Sunday, August 18, 2013

'Louie': Free-flowing, scathing hilarity

(Published Aug. 19, PDI-Entertainment)
By Oliver M. Pulumbarit

Not a traditional, feel-good sitcom, “Louie” is the acclaimed half-hour comedy series created by and starring former “Late Night With Conan O’Brien” writer Louis C.K.

C.K., whose actual surname Szekely is pronounced “seekay” in Hungarian, brings his uniquely scathing and disarming wit to the show about a divorced stand-up comic raising two daughters in New York.

The comedian, apart from portraying a more problematic version of himself, also writes and edits the show, giving the similarly named comedian character a lot of familiar, even bizarre situations that aren’t always inspired by C.K.’s own experiences.
Several self-esteem issues and relationship foibles form the backbone of the series’ first season. A somewhat disenchanted Louie attempts to date again, but for one reason or another, things don’t work out for him. It’s the opposite of his character’s status quo in his short-lived, adult-oriented sitcom in 2006, “Lucky Louie.”

But this current show lets C.K. cut loose and experiment, wryly tackling topics such as sex, politics, racism and religion. Its darkly comic situations are sometimes bookended by his stand-up routines made exclusively for the show.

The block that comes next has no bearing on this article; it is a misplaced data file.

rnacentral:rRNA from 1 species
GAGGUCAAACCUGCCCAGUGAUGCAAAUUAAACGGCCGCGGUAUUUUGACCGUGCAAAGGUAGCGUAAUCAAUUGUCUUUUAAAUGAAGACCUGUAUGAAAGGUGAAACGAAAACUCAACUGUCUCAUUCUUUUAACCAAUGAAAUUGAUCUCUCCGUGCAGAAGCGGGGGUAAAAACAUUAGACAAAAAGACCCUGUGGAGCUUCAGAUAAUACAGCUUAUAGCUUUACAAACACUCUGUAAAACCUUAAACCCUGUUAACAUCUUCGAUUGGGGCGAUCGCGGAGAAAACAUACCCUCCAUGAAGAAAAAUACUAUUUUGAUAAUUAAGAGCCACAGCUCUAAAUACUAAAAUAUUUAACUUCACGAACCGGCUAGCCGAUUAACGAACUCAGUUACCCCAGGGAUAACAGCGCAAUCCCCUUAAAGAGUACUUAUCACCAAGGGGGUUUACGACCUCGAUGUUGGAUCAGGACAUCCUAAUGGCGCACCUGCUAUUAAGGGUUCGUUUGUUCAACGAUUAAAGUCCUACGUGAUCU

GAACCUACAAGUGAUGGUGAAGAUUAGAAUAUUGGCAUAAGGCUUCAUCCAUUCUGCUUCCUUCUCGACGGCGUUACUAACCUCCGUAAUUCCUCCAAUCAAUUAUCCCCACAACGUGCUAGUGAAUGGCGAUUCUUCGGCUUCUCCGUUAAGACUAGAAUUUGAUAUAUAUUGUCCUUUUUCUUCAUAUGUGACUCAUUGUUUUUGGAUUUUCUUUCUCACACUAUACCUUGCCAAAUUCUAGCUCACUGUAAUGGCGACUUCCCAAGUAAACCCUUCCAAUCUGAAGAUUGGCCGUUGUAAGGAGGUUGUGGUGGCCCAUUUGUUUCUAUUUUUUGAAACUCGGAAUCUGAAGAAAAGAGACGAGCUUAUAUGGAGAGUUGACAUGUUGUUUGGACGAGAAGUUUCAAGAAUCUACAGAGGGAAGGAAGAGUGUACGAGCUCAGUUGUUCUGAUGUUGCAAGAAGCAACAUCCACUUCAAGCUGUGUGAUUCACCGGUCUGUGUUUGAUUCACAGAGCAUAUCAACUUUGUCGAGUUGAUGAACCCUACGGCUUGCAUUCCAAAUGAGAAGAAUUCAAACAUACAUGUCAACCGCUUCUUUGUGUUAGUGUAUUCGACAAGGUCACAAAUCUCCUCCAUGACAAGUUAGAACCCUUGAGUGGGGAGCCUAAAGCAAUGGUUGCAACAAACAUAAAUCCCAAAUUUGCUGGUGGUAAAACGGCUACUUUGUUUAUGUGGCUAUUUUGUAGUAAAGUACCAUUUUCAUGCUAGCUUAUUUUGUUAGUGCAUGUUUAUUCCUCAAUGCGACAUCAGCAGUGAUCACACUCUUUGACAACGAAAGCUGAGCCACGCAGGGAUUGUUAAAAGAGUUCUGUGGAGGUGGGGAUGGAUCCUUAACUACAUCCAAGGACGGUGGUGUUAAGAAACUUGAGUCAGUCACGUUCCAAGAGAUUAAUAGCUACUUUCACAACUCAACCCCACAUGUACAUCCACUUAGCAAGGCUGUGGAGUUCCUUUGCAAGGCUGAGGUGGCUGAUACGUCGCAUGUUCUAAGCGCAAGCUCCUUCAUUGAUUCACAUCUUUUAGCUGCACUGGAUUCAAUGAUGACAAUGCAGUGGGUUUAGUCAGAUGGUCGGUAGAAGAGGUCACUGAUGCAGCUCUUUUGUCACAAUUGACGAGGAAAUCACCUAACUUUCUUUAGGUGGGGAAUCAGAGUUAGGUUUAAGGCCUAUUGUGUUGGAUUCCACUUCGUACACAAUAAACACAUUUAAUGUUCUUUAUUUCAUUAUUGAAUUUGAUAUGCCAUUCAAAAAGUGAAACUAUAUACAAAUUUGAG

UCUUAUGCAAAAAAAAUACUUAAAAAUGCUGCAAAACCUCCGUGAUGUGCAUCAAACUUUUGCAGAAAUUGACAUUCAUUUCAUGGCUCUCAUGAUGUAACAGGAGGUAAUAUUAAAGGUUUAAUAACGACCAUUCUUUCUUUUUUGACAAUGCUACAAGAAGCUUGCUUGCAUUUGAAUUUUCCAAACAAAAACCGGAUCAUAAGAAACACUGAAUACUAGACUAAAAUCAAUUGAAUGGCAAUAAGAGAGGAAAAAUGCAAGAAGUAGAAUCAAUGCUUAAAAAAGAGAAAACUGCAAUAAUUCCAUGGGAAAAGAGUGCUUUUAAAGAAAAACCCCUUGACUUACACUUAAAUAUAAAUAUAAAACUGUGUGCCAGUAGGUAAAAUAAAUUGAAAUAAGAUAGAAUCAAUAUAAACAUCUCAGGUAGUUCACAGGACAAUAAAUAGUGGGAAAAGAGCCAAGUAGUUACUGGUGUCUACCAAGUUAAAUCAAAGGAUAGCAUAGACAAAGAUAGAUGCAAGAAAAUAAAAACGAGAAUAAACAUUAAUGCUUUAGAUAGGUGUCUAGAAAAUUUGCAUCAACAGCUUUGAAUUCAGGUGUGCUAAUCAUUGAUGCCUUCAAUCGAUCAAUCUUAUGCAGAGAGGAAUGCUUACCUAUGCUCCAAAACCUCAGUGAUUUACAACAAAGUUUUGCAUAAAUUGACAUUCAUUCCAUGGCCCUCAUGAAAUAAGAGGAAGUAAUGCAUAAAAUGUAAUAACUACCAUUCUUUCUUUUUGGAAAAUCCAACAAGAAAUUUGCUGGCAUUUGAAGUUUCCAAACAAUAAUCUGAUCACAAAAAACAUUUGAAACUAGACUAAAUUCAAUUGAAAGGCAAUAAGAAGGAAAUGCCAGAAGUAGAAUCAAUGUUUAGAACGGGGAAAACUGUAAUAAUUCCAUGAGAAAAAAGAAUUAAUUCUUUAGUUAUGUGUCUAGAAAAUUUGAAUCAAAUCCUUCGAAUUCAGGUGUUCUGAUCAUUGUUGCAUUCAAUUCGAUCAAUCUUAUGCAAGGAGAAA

Through these short but effective bits, the comedian gets to examine and dissect everything from the minutiae of home life to his health issues, the self-deprecation and sharp observational tone consistently inspiring giggles. But C.K.’s humor almost always conjures up things to seriously think about, whether they’re stand-up routines or the situational parts.

And the heavier episodes of the first season easily stand out. In “Bully,” Louie gets intimidated by a teen thug, but later discovers disturbing reasons for his tormentor’s abrasive behavior. In another episode, “God,” it’s revealed that Louie unnecessarily carried extreme guilt back when he was a boy because of the misguided actions of a religion teacher.

Recurring guests like Ricky Gervais (as Louie’s odd, pranking doctor) and Pamela Adlon (who co-starred in “Lucky Louie”) keep some arcs running even though continuity isn’t always focused on (hence the personality inconsistencies of some characters). Other episodes benefit from the guest appearances of Matthew Broderick and “Smash’s” Megan Hilty.

Similarly accomplished comics like Joan Rivers, Robin Williams and Chris Rock eventually appear as themselves in subsequent seasons of “Louie,” subdued but sublime presences complementing C.K.’s unusual but welcome brand of hilarity.

(“Louie” airs Tuesdays, 9:30 p.m. on Jack TV.) 

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